Resumes for Children – 17 Years Old and Under

Donna Kristine Manley
Independently Published (2020)
ISBN: 978-0977783557
Reviewed by Tammy Ruggles for Reader Views (02/2022)

“Resumes for Children – 17 Years Old and Under” by Donna Kristine Manley, is a fresh and intriguing way to help your child succeed in life. Resumes can be an important part of becoming a success in the future, or even searching for that first job just after high school for that matter.

For a lot of young adults, a resume is a blank piece of paper, or not much content. But what if that first resume contains accomplishments, awards, and skills that your child has already achieved? Why not showcase those? Many parents maintain scrapbooks, memory books, and keep treasured keepsakes. These can easily be transferred or transcribed into a real resume, which can do many things for your child: Provide an understanding of the world of employment and how resumes work, and help instill confidence and goal-oriented thinking. That isn’t to say that every hobby or activity a child participates in has to be recorded and documented—there has to be room for fun too—but assembling a resume with your child can have benefits when your child is an older teen or young adult.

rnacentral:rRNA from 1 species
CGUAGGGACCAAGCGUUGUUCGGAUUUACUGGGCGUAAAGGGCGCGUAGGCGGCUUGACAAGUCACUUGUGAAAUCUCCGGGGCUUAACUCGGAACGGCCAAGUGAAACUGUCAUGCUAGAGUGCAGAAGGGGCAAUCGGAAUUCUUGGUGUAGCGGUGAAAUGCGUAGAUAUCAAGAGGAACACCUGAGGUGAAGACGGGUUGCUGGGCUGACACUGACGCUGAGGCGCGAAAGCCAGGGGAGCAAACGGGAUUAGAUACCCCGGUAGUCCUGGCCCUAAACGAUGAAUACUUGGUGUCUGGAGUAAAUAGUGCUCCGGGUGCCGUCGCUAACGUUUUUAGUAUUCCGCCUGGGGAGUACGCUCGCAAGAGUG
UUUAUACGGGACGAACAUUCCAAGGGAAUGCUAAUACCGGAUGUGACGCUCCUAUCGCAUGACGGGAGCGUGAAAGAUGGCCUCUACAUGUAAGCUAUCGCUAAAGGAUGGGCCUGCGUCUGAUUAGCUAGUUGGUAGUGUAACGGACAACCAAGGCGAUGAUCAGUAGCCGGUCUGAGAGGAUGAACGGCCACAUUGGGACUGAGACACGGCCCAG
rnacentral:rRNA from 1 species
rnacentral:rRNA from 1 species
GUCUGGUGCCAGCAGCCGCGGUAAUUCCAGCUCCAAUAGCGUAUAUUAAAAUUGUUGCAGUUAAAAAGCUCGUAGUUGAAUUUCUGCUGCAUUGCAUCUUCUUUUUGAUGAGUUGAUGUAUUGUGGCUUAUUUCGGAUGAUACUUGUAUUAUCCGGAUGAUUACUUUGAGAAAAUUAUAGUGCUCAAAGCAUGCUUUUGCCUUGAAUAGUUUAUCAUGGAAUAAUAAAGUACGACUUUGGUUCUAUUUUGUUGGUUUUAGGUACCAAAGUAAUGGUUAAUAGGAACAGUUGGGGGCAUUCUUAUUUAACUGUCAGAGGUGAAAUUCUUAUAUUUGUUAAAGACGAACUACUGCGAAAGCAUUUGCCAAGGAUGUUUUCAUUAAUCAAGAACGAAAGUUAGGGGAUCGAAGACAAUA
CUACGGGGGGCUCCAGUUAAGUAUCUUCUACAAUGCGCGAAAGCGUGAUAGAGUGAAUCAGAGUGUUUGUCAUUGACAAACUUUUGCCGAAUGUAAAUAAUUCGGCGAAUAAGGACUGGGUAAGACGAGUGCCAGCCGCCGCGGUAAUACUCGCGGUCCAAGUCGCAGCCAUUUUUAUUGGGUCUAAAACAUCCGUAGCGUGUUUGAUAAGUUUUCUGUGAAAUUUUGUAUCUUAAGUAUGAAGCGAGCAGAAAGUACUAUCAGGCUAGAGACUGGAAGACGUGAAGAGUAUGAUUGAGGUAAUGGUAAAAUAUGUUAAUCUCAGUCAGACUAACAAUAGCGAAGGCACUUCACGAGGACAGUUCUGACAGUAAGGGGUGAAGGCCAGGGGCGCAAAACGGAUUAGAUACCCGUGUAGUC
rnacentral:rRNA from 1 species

Manley has a real passion for reaching out to young people and helping them be the best version of themselves. Besides inspiring messages, she offers practical advice that people need every day to live better lives. What I like about this book are the sample resumes that demonstrate exactly how to help build one for your child and the components that need to go into it, from talents, to skills, to goals.

This book is particularly useful to the child who already seems ambitious to do something specific, like become a concert pianist, a well-recognized and influential YouTuber, an entrepreneur, etc. But even if your child just wants to play and has no interest in resume-building, this book is still a good teaching tool to give them an idea of what they can expect when they go job hunting in the future. Some children will actually love keeping a record of their achievements in resume form, so, the level of involvement really depends on the child. A parent can still go ahead and maintain the resume on the child-s behalf.

Another appealing aspect of this book is that the resume samples are varied, and in different languages. This is the perfect book to give children and teens whose parents aren’t so involved in their lives but have a dream to succeed. Keeping a resume throughout the years can help keep them focused and motivated, even if they don’t have much parental support or input.

As a former social worker, I would also recommend this book as a tool for helping professionals, as a way to encourage young clients and families to recognize their strengths and abilities, raise their self-esteem, and get a feel for what goal-setting is all about.

Overall, “Resumes for Children – 17 Years Old and Under” by Donna Kristine Manley, is a wonderful tool for parents wanting to help their college-bound, career-bound children get a head start.

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